It’s been said that Mississippi is in a class by itself.
There’s the South … and then there’s Mississippi.
Independent Lens, the PBS documentary series featuring films put together by independent producers, explores a little-known aspect of life in the Magnolia State in the 1950s and’60s. “Spies of Mississippi,” which will air Monday at 9 p.m. on Panhandle PBS, peels away the secrecy surrounding the state’s effort to block integration of public-access locations.
The film was produced and directed by Dawn Porter, founder of Trilogy Films. She’s been acclaimed for her work exposing racism and bigotry. “Spies of Mississippi” reveals an overt attempt by the state to keep blacks and whites separate and to defy federal orders to integrate places where everyone congregates.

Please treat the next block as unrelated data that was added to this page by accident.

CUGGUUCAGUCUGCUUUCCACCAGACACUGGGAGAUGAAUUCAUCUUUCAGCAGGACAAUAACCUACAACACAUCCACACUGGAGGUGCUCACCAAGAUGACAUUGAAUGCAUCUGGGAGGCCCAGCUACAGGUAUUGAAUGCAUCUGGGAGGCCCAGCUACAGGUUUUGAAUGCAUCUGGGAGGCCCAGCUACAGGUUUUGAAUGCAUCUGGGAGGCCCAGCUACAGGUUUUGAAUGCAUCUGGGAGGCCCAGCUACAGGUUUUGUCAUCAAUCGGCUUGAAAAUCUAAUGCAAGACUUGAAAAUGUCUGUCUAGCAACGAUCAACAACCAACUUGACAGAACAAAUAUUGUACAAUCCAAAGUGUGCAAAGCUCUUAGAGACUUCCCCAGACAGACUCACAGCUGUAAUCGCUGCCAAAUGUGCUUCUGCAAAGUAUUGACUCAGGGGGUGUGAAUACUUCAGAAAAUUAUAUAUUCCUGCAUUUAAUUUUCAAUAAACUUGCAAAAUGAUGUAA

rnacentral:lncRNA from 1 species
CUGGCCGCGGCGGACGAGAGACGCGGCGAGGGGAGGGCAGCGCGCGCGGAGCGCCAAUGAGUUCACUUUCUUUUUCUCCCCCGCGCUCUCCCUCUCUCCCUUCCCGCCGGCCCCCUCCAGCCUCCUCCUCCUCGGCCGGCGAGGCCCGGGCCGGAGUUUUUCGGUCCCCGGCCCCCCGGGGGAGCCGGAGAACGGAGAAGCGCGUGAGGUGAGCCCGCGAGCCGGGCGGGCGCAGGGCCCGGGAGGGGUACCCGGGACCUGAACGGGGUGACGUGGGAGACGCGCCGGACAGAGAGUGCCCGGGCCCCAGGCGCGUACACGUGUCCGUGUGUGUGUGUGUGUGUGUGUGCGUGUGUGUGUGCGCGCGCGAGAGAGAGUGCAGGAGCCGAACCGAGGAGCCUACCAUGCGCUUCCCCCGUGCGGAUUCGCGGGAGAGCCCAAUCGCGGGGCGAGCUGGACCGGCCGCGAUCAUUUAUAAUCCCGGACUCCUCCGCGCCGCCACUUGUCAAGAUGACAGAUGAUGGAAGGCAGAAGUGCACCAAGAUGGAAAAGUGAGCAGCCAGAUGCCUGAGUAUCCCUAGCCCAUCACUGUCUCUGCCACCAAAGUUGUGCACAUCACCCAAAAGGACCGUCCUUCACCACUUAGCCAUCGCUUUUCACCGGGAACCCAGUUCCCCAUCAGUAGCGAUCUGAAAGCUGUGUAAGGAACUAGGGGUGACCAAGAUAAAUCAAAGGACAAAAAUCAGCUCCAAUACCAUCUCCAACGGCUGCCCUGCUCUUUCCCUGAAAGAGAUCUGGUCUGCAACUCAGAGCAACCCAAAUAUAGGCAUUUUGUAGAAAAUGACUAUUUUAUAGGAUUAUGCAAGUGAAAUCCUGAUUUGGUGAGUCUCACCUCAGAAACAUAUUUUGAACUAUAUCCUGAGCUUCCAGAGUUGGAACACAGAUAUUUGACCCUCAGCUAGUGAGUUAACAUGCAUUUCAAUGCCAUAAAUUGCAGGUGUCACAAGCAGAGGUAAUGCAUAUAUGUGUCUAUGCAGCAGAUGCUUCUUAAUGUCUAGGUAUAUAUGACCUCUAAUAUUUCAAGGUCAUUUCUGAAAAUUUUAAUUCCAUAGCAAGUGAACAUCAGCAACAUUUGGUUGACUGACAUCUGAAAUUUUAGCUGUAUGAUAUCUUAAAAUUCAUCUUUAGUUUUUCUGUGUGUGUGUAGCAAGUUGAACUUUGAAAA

As it is stated in the film, this wasn’t just the work of “a bunch of rednecks.” The state had its hand in this endeavor.
Independent Lens is well-known as a documentary series that takes chances and gets in front of controversy. “Spies of Mississippi” is one such project.
It’s worth a look to see how officials in one of our 50 states sought to defy what the federal government said was right and just.